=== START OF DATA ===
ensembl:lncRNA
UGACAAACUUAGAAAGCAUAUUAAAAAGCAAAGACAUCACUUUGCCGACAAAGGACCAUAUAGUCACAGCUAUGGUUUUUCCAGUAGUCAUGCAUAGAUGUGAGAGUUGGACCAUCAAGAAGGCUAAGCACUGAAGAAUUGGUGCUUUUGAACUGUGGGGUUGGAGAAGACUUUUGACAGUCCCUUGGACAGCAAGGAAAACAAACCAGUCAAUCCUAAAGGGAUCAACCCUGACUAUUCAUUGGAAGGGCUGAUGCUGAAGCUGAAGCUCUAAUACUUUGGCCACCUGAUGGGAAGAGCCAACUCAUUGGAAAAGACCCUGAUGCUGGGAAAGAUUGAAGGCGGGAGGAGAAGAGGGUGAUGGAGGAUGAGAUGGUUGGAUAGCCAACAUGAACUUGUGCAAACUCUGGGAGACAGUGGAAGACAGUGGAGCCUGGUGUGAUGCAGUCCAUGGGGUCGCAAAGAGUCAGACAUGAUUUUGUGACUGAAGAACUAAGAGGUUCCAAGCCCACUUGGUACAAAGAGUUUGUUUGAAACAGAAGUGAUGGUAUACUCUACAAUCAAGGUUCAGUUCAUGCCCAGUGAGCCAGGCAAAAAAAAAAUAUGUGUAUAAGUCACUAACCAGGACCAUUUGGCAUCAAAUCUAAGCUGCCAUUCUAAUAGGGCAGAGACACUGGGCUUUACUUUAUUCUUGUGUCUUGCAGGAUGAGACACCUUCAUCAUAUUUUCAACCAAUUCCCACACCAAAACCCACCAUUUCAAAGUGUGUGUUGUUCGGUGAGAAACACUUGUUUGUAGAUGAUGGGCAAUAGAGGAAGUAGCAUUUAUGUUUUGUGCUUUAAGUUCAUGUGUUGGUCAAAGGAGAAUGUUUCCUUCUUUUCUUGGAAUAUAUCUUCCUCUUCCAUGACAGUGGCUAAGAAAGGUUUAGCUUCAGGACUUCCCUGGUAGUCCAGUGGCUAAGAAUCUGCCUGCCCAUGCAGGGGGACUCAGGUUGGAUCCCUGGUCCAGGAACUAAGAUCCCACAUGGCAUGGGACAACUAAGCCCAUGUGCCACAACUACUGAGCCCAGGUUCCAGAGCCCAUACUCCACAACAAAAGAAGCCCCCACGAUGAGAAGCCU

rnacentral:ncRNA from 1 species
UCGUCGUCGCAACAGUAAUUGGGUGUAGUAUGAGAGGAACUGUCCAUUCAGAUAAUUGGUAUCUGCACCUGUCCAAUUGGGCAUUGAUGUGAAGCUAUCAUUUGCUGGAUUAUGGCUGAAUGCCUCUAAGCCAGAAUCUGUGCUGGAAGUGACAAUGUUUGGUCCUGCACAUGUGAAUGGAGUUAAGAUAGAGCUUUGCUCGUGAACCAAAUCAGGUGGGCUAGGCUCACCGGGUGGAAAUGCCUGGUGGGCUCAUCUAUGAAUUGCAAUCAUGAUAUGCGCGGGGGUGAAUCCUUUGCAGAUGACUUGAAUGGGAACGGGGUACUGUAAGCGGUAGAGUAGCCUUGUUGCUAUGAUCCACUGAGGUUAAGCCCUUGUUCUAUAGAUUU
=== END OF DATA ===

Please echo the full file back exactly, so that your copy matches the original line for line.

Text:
ensembl:lncRNA
UGACAAACUUAGAAAGCAUAUUAAAAAGCAAAGACAUCACUUUGCCGACAAAGGACCAUAUAGUCACAGCUAUGGUUUUUCCAGUAGUCAUGCAUAGAUGUGAGAGUUGGACCAUCAAGAAGGCUAAGCACUGAAGAAUUGGUGCUUUUGAACUGUGGGGUUGGAGAAGACUUUUGACAGUCCCUUGGACAGCAAGGAAAACAAACCAGUCAAUCCUAAAGGGAUCAACCCUGACUAUUCAUUGGAAGGGCUGAUGCUGAAGCUGAAGCUCUAAUACUUUGGCCACCUGAUGGGAAGAGCCAACUCAUUGGAAAAGACCCUGAUGCUGGGAAAGAUUGAAGGCGGGAGGAGAAGAGGGUGAUGGAGGAUGAGAUGGUUGGAUAGCCAACAUGAACUUGUGCAAACUCUGGGAGACAGUGGAAGACAGUGGAGCCUGGUGUGAUGCAGUCCAUGGGGUCGCAAAGAGUCAGACAUGAUUUUGUGACUGAAGAACUAAGAGGUUCCAAGCCCACUUGGUACAAAGAGUUUGUUUGAAACAGAAGUGAUGGUAUACUCUACAAUCAAGGUUCAGUUCAUGCCCAGUGAGCCAGGCAAAAAAAAAAUAUGUGUAUAAGUCACUAACCAGGACCAUUUGGCAUCAAAUCUAAGCUGCCAUUCUAAUAGGGCAGAGACACUGGGCUUUACUUUAUUCUUGUGUCUUGCAGGAUGAGACACCUUCAUCAUAUUUUCAACCAAUUCCCACACCAAAACCCACCAUUUCAAAGUGUGUGUUGUUCGGUGAGAAACACUUGUUUGUAGAUGAUGGGCAAUAGAGGAAGUAGCAUUUAUGUUUUGUGCUUUAAGUUCAUGUGUUGGUCAAAGGAGAAUGUUUCCUUCUUUUCUUGGAAUAUAUCUUCCUCUUCCAUGACAGUGGCUAAGAAAGGUUUAGCUUCAGGACUUCCCUGGUAGUCCAGUGGCUAAGAAUCUGCCUGCCCAUGCAGGGGGACUCAGGUUGGAUCCCUGGUCCAGGAACUAAGAUCCCACAUGGCAUGGGACAACUAAGCCCAUGUGCCACAACUACUGAGCCCAGGUUCCAGAGCCCAUACUCCACAACAAAAGAAGCCCCCACGAUGAGAAGCCU

rnacentral:ncRNA from 1 species
UCGUCGUCGCAACAGUAAUUGGGUGUAGUAUGAGAGGAACUGUCCAUUCAGAUAAUUGGUAUCUGCACCUGUCCAAUUGGGCAUUGAUGUGAAGCUAUCAUUUGCUGGAUUAUGGCUGAAUGCCUCUAAGCCAGAAUCUGUGCUGGAAGUGACAAUGUUUGGUCCUGCACAUGUGAAUGGAGUUAAGAUAGAGCUUUGCUCGUGAACCAAAUCAGGUGGGCUAGGCUCACCGGGUGGAAAUGCCUGGUGGGCUCAUCUAUGAAUUGCAAUCAUGAUAUGCGCGGGGGUGAAUCCUUUGCAGAUGACUUGAAUGGGAACGGGGUACUGUAAGCGGUAGAGUAGCCUUGUUGCUAUGAUCCACUGAGGUUAAGCCCUUGUUCUAUAGAUUU